Following a small increase the day before (0.09%), the dollar index fell on Thursday morning. The greenback is still trading near 20-year highs ahead of a highly anticipated U.S. CPI (Consumer Price Index) reading today. According to experts, the annual inflation rate in the United States will likely decrease for the third month in a row to 8.1% in September 2022, the lowest figure in seven months, compared to 8.3% in August. The core rate, which excludes volatile food and energy, is expected to rise 0.5% month on month, boosting the annual rate to 6.5%, matching March's 40-year high, indicating that inflationary pressures remain significant. A higher-than-expected CPI might put pressure on the Fed to keep raising interest rates by 75 basis points beyond this year. A negative surprise, on the other hand, could bolster the case that inflation has already peaked.
After falling marginally yesterday (0.05%), the Euro has regained its traction in today’s morning amid a weakening dollar. The market is currently focused on major U.S. inflation statistics, which may influence whether the Federal Reserve raises interest rates for the fourth time in a row. Any indication that pricing pressures stay elevated may cause markets to sell. Domestically, according to Governing Council member Robert Holzmann, the European Central Bank can reach close to its neutral interest rate by the end of the year if it raises by 125 basis points at its next two sessions.
The British Pound has extended its gains this morning after it surged over 1% on Wednesday, as traders await news on the central bank's quantitative easing program. The Pound has been under significant selling pressure as a result of repeated concerns about the country's economic future and the announcement of a new tax cut proposal last month. High inflation and uncertainty about the BoE's ability to preserve the economy and control inflation also weigh on the currency. Investors in the United Kingdom are now waiting to see if the Bank of England will extend its deadline of 14 October for the emergency bond-buying program designed to calm markets. So far, it has refused to do so.
The Japanese Yen fell against the dollar on Thursday, coming within a hair's width of its August 1998 low, after Bank of Japan Governor Haruhiko Kuroda pledged to maintain ultra-easy monetary policy to help the economy recover. He emphasized the importance of meeting the 2% inflation objective in a sustained and stable way, stating that the economy is still recuperating from the pandemic. Japan's monetary policy divergence has resulted in even greater interest rate differentials, with the benchmark 10-year US yield trading approximately 370 basis points higher than its Japanese counterpart. Meanwhile, the value of bank lending in Japan climbed 2.3% year on year in September 2022, up from 1.9% in August and the quickest rate since May 2021, as corporations expanded borrowing to fuel demand for real estate and corporate transactions.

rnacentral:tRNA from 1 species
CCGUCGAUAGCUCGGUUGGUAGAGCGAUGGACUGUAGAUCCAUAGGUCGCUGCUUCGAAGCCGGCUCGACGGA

The Canadian dollar is making tiny gains today after falling 0.14% against the U.S. dollar. The Loonie is supported by subdued sentiments surrounding the dollar ahead of critical inflation figures. Meanwhile, as OPEC+ revised its oil demand prediction downward, crude prices plummeted, weighing on the Canadian dollar. WTI (West Texas Intermediate) crude futures were trading near $88 per barrel on Thursday, down about 6% in the previous three sessions, as a weakening demand forecast and a big rise in U.S. crude stocks continued pressure on oil prices. Oil prices were pulled down by hawkish U.S. Federal Reserve minutes, which pledged to hiking interest rates to restrictive levels and keeping them there until inflation recedes.
The Mexican Peso rose for the third time in four days on Wednesday, as soaring U.S. shares and dropping Treasury yields boosted market optimism. Mexican swaps are barely changed on Wednesday; the TIIE curve prices in 115bps of rate hikes in the remainder of 2022, raising the policy rate to around 10.40%; another 35bps of hikes are priced in for 2023, with rates peaking in March. Today, the Mexican Peso is surging ahead of a key market catalyst known as the U.S. CPI report. In other news, latest data indicated that industrial production stalled on a monthly basis, ending a five-month streak of improvement. In addition, investors continued to analyze data from the IMF's newest report, which reduced Mexico's growth outlook to 2.1% in 2022 from 2.4% previously, owing to the country's substantial exposure to the U.S. economy.
China's Yuan fell marginally against the U.S. dollar on Thursday, following another solid central bank fix. According to Chen Hongting, an options trading expert, the rising interest rate differential between the U.S. and China is placing pressure on capital outflows, weighing on the Yuan. A faltering economy and new Covid cases are also dragging the currency down. In other news, China's export growth is likely to have slowed further in September due to weakening international demand, according to a Reuters poll released on Thursday.
Due to a national holiday, Brazilian markets were closed yesterday. In recent news, the IBGE reported earlier that Brazil recorded a deflation of 0.29% in September, marking the third straight month of fall. Investors are also keeping an eye on electoral developments as the race for the second round between Bolsonaro and Lula tightens. In other news, investors are looking forward to the Federal Reserve's next steps, which will be revealed in the form of the U.S. CPI report due today.